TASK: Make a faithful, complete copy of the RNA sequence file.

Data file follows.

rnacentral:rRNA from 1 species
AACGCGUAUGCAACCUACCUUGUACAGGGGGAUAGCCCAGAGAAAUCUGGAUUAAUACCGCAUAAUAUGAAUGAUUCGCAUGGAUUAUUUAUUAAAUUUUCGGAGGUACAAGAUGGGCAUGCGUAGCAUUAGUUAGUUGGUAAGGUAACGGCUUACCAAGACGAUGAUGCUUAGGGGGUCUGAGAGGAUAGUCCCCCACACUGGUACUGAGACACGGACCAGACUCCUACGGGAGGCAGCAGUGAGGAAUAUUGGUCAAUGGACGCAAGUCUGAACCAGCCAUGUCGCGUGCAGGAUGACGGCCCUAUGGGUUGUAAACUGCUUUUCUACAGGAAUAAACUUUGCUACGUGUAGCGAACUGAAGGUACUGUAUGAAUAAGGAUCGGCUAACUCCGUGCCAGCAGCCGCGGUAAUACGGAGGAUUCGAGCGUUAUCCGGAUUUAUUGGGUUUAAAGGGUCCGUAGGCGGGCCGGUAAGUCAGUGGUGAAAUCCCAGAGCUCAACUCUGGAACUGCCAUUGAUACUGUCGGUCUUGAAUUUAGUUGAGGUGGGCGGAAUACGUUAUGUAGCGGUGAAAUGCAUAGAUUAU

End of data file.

rnacentral:rRNA from 1 species
AACGCGUAUGCAACCUACCUUGUACAGGGGGAUAGCCCAGAGAAAUCUGGAUUAAUACCGCAUAAUAUGAAUGAUUCGCAUGGAUUAUUUAUUAAAUUUUCGGAGGUACAAGAUGGGCAUGCGUAGCAUUAGUUAGUUGGUAAGGUAACGGCUUACCAAGACGAUGAUGCUUAGGGGGUCUGAGAGGAUAGUCCCCCACACUGGUACUGAGACACGGACCAGACUCCUACGGGAGGCAGCAGUGAGGAAUAUUGGUCAAUGGACGCAAGUCUGAACCAGCCAUGUCGCGUGCAGGAUGACGGCCCUAUGGGUUGUAAACUGCUUUUCUACAGGAAUAAACUUUGCUACGUGUAGCGAACUGAAGGUACUGUAUGAAUAAGGAUCGGCUAACUCCGUGCCAGCAGCCGCGGUAAUACGGAGGAUUCGAGCGUUAUCCGGAUUUAUUGGGUUUAAAGGGUCCGUAGGCGGGCCGGUAAGUCAGUGGUGAAAUCCCAGAGCUCAACUCUGGAACUGCCAUUGAUACUGUCGGUCUUGAAUUUAGUUGAGGUGGGCGGAAUACGUUAUGUAGCGGUGAAAUGCAUAGAUUAU